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oral histories of the American South


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Interviewee:Eula McGill
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1.
Eula McGill, December 12, 1974. Interview G-0039.
A Life in the Textile Unions: Lifelong textile worker Eula McGill shares her thoughts on the benefits of Alabama textile unions.
Interviewee: Eula McGill    Interviewer: Lewis Lipsitz
Duration: 00:48:20     Annotated Excerpts: Listen to and read all 10 excerpts.
2.
Eula McGill, February 3, 1976. Interview G-0040-1.
A Southern Woman Becomes a Leader in the Labor Movement: Part I: Eula McGill grew up in Sugar Valley, Georgia, during the early twentieth century. Raised in a working class family, McGill had to leave school because of her family's economic hardships and began to work in a textile mill as a spinner at the age of 14. By the late 1920s, McGill had moved to Alabama, where she became a leader in the labor movement in Selma. Throughout the Great Depression, McGill primarily worked as a labor organizer, first for the Women's Trade Union League and later for the Amalgamated Clothing Workers Union.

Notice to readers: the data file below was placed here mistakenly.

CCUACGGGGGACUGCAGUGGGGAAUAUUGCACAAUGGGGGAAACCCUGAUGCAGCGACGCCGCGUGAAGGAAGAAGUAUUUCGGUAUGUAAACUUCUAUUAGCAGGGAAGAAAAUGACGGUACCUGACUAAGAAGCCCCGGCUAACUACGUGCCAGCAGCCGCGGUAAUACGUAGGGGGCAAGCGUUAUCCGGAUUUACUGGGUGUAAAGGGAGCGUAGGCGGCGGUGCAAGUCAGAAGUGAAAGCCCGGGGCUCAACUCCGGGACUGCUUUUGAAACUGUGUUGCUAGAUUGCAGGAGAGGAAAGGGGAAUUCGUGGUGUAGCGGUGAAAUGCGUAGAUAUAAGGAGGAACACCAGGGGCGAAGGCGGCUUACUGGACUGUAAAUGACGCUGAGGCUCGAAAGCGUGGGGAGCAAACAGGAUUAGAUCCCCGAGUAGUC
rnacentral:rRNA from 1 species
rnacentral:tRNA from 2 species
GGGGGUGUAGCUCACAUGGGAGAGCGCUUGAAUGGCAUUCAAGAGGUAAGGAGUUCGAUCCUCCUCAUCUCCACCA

Interviewee: Eula McGill    Interviewer: Jacquelyn Hall
Duration: 03:49:44     Annotated Excerpts: Listen to and read all 11 excerpts.
3.
Eula McGill, September 5, 1976. Interview G-0040-2.
A Southern Woman Becomes a Leader in the Labor Movement: Part II: Southern labor organizer Eula McGill explains her views on leadership in the labor movement and the role of workers' education. After rising through the ranks of the labor movement during the Great Depression, McGill continued to work actively to organize workers from the 1940s to the 1970s. She describes in detail various labor campaigns and strikes in the South, as well as her work with the Amalgamated Clothing Workers Union and other labor organizations.
Interviewee: Eula McGill    Interviewer: Jacquelyn Hall
Duration: 02:13:11     Annotated Excerpts: Listen to and read all 8 excerpts.